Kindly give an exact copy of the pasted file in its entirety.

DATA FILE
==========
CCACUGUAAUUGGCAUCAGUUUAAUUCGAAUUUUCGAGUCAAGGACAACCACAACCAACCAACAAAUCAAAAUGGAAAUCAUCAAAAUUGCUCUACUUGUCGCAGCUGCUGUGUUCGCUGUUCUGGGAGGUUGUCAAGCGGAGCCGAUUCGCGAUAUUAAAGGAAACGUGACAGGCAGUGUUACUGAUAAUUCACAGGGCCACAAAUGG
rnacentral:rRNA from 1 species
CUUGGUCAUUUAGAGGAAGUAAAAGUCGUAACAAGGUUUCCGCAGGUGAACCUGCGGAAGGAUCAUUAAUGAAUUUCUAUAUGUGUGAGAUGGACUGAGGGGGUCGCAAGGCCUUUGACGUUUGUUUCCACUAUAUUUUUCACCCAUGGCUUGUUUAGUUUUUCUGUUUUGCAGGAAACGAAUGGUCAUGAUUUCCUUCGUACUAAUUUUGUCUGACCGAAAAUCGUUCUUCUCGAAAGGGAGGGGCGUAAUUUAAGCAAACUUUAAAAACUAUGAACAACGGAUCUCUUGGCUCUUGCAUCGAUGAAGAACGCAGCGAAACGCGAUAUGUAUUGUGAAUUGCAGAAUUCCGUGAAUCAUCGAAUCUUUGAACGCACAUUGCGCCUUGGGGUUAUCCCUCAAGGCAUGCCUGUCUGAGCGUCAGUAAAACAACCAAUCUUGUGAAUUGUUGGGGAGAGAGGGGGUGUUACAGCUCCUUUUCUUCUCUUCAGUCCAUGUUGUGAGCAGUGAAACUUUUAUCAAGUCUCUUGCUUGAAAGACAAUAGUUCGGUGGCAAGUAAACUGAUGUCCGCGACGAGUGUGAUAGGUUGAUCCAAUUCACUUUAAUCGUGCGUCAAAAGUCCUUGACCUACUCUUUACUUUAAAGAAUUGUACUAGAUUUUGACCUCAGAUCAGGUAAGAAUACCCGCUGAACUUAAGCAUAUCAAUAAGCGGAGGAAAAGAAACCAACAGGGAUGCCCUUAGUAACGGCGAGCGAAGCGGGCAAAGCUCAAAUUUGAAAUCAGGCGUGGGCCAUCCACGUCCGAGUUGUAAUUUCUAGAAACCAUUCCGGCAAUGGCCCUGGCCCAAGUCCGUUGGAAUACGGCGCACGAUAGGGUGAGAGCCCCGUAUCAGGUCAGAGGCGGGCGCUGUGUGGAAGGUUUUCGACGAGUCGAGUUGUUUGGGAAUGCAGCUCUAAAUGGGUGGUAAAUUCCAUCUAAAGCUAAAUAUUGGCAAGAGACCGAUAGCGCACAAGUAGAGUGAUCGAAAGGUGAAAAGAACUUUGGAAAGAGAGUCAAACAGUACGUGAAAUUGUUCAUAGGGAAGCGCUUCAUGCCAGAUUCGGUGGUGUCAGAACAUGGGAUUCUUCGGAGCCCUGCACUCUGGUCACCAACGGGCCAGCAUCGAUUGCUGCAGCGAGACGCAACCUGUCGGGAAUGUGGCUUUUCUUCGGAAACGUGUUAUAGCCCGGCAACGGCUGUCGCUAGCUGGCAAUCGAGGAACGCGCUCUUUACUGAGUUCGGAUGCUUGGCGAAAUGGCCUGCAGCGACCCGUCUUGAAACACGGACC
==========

CCACUGUAAUUGGCAUCAGUUUAAUUCGAAUUUUCGAGUCAAGGACAACCACAACCAACCAACAAAUCAAAAUGGAAAUCAUCAAAAUUGCUCUACUUGUCGCAGCUGCUGUGUUCGCUGUUCUGGGAGGUUGUCAAGCGGAGCCGAUUCGCGAUAUUAAAGGAAACGUGACAGGCAGUGUUACUGAUAAUUCACAGGGCCACAAAUGG
rnacentral:rRNA from 1 species
CUUGGUCAUUUAGAGGAAGUAAAAGUCGUAACAAGGUUUCCGCAGGUGAACCUGCGGAAGGAUCAUUAAUGAAUUUCUAUAUGUGUGAGAUGGACUGAGGGGGUCGCAAGGCCUUUGACGUUUGUUUCCACUAUAUUUUUCACCCAUGGCUUGUUUAGUUUUUCUGUUUUGCAGGAAACGAAUGGUCAUGAUUUCCUUCGUACUAAUUUUGUCUGACCGAAAAUCGUUCUUCUCGAAAGGGAGGGGCGUAAUUUAAGCAAACUUUAAAAACUAUGAACAACGGAUCUCUUGGCUCUUGCAUCGAUGAAGAACGCAGCGAAACGCGAUAUGUAUUGUGAAUUGCAGAAUUCCGUGAAUCAUCGAAUCUUUGAACGCACAUUGCGCCUUGGGGUUAUCCCUCAAGGCAUGCCUGUCUGAGCGUCAGUAAAACAACCAAUCUUGUGAAUUGUUGGGGAGAGAGGGGGUGUUACAGCUCCUUUUCUUCUCUUCAGUCCAUGUUGUGAGCAGUGAAACUUUUAUCAAGUCUCUUGCUUGAAAGACAAUAGUUCGGUGGCAAGUAAACUGAUGUCCGCGACGAGUGUGAUAGGUUGAUCCAAUUCACUUUAAUCGUGCGUCAAAAGUCCUUGACCUACUCUUUACUUUAAAGAAUUGUACUAGAUUUUGACCUCAGAUCAGGUAAGAAUACCCGCUGAACUUAAGCAUAUCAAUAAGCGGAGGAAAAGAAACCAACAGGGAUGCCCUUAGUAACGGCGAGCGAAGCGGGCAAAGCUCAAAUUUGAAAUCAGGCGUGGGCCAUCCACGUCCGAGUUGUAAUUUCUAGAAACCAUUCCGGCAAUGGCCCUGGCCCAAGUCCGUUGGAAUACGGCGCACGAUAGGGUGAGAGCCCCGUAUCAGGUCAGAGGCGGGCGCUGUGUGGAAGGUUUUCGACGAGUCGAGUUGUUUGGGAAUGCAGCUCUAAAUGGGUGGUAAAUUCCAUCUAAAGCUAAAUAUUGGCAAGAGACCGAUAGCGCACAAGUAGAGUGAUCGAAAGGUGAAAAGAACUUUGGAAAGAGAGUCAAACAGUACGUGAAAUUGUUCAUAGGGAAGCGCUUCAUGCCAGAUUCGGUGGUGUCAGAACAUGGGAUUCUUCGGAGCCCUGCACUCUGGUCACCAACGGGCCAGCAUCGAUUGCUGCAGCGAGACGCAACCUGUCGGGAAUGUGGCUUUUCUUCGGAAACGUGUUAUAGCCCGGCAACGGCUGUCGCUAGCUGGCAAUCGAGGAACGCGCUCUUUACUGAGUUCGGAUGCUUGGCGAAAUGGCCUGCAGCGACCCGUCUUGAAACACGGACC